Flip the Classroom

With careful planning, innovative thinking, and access to quality resources, the traditional classroom can be flipped into a hands-on active learning environment that pushes student critical thinking to a higher level.

What Does It Mean to Flip the Classroom?

In a traditional classroom, students listen passively and simultaneously to a lecture and then complete related assignments on their own outside of class. 

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The downside of this method is that all students must stay on the same pace during the live lecture with little time to pause and reflect. When challenged to engage with this material in an assignment at home, they often struggle without guidance from a peer or faculty member.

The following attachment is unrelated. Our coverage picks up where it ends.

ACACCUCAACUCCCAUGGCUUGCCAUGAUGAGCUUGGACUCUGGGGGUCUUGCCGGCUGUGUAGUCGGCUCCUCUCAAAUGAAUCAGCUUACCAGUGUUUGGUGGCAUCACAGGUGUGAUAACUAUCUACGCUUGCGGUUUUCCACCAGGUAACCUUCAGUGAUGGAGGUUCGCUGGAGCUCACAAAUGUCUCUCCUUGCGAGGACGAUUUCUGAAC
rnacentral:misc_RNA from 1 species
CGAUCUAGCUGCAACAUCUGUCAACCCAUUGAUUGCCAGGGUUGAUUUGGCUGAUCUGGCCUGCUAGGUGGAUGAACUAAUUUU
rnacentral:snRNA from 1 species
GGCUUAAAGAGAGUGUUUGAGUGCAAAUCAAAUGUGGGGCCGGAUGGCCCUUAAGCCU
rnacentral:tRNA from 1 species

Flipping the classroom occurs when the delivery of traditional lecture material occurs outside of the classroom and the “hands-on doing” of projects and assignment occur in the classroom. 

The benefit of this method is that students are allowed time to pause and reflect on course content at their own pace prior to class and come prepared to engage with course content on a higher level with peers and faculty in class. 

By applying Bloom’s Revised Taxonomy, this means that students acquire general knowledge and understanding on their own time (low level of the pyramid) and utilize that new knowledge to analyze, evaluate, and create during class time (higher level of the pyramid). 

Amanda K. Giles, OTD, OTR/L

Assistant Professor

Division of Occupational Therapy

College of Health Professions

Medical University of South Carolina